I am in need of some money. What are some government sources of income which may be available to me?
I am in need of some money. What are some government sources of income which may be
available to me?
There are various sources of income which are administered by the government and you
may be available for them depending on your particular situation. The following is a brief
overview of some of the common sources of income.
If you have been employed or self-employed, you may be eligible for Employment Insurance
(EI) benefits. Regular EI benefits are for those who face an interruption of earnings but are
ready and available to work. There are also special benefits for those who take time off work or
self-employment due to illness, pregnancy, caring for a new child (including a newly adopted
child), or caring for a seriously ill/injured person. Workers must have made sufficient
contributions to the EI system before qualifying.
If you have made at least one valid contribution to the Canada Pension Plan system through
employment or a relevant family member has, you may be eligible for Canada Pension Plan
(CPP) benefits. The CPP retirement pension is for those who have reached at least the age of
65. There is also the possibility of receiving an early retirement pension if you have reached the
age of 60 and have essentially stopped working but drawing this pension will mean that your
retirement pension will stay at a lower amount. There is also a disability benefit for those
adults of any age who cannot work due to a serious physical and/or mental disability and this is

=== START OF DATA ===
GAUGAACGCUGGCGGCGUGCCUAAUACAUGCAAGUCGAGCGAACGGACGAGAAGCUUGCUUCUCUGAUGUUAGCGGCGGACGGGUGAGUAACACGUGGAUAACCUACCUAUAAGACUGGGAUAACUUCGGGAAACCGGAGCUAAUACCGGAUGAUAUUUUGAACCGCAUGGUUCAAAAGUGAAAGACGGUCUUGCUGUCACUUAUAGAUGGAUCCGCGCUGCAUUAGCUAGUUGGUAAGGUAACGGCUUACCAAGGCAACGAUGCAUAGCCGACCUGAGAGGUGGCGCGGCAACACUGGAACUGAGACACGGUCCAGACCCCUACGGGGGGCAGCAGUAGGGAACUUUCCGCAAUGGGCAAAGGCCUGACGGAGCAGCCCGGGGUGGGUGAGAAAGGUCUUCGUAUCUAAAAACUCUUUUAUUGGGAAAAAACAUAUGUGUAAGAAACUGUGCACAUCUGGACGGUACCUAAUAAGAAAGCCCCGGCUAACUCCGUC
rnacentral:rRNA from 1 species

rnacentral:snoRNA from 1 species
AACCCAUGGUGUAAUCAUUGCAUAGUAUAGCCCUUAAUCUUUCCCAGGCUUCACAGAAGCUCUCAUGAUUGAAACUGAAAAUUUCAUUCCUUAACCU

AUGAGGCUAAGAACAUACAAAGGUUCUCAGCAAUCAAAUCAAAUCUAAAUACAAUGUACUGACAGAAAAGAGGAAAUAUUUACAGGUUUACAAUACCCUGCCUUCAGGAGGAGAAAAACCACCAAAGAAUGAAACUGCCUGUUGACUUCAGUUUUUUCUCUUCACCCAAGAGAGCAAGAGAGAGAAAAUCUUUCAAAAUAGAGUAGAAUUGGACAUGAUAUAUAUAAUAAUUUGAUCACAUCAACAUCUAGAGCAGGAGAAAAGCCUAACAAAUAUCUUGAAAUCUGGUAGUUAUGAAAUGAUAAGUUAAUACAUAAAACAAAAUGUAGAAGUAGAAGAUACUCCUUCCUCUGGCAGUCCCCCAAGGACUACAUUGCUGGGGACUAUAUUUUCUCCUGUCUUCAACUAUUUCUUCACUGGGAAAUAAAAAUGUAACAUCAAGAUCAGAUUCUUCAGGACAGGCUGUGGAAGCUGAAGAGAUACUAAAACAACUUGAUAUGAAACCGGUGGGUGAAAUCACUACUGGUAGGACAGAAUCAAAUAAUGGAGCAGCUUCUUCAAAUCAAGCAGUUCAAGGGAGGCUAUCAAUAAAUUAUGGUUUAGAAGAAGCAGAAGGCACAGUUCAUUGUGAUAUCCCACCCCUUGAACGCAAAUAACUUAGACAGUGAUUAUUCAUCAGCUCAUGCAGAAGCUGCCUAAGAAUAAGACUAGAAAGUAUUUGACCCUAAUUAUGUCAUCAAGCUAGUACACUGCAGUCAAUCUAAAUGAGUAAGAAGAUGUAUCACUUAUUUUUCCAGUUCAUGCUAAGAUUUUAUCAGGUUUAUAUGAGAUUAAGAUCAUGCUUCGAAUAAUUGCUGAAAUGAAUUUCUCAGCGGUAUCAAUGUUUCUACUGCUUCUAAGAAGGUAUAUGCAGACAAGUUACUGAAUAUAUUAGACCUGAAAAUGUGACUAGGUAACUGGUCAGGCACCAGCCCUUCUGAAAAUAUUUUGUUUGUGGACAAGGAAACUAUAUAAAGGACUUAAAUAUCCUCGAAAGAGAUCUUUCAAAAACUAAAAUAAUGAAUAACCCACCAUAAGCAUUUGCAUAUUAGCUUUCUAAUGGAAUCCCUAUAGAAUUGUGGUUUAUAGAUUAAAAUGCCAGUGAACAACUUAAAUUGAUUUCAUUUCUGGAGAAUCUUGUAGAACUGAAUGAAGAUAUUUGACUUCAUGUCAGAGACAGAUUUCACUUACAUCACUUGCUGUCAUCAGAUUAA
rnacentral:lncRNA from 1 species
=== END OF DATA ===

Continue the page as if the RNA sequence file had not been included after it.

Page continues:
expected to last for a prolonged period of time, and there is a children’s benefit if the recipient
of a CPP disability benefit has a dependent child. For those contributors to the CPP system who
die, there may be benefits for the surviving spouse/common-law partner and/or for dependent
children. There is also a death benefit which is a one-time payment for your estate.
If you have reached the age of 65, you may be eligible for the Old Age Security Pension
(OAS). You need not have been employed/self-employed in order to qualify for this pension
nor is it income-related (unless your income is quite high). It is related to your immigration
status as well as the years you have resided in Canada. There are also supplements to the OAS
for low-income pensioners which are dependent on your income for the previous year,
Guaranteed Income Supplement (GIS) and the provincial Guaranteed Annual Income System
(GAINS). There is also an Allowance for spouses/common-law partners of low-income OAS
pensioners who are themselves aged 60-64 and an Allowance for the Survivor for those
spouses/common-law partners aged 60-64 who have lost a spouse/partner who was eligible for
If you are low-income or have no income, you may qualify for Ontario Works (OW) or for
Ontario Disability Support Program (ODSP) benefits. These are the two forms of basic social
assistance in Ontario. For OW, you are expected to take steps towards becoming employed
unless you fall into certain exceptions (e.g., due to illness, caregiving responsibilities). For ODSP,
generally you have to show that you are medically eligible (that is, that you have a physical
and/or mental disability) as well as financially qualify.
Some other sources of income include Workplace Safety and Insurance Board (WSIB)
benefits, Canada Child Tax Benefit and other related benefits, Assistance for Children with
Severe Disabilities (ACSD), the Resettlement Assistance Program (RAP) for governmentsponsored
refugees, and federal/provincial tax credits such as Goods and Services (GST) credit.
Some of the above-mentioned sources of income can be combined.
The above is a simply a summary of sources of income and, if interested, you should seek
more information and/or legal advice. You may start by contacting our intake line.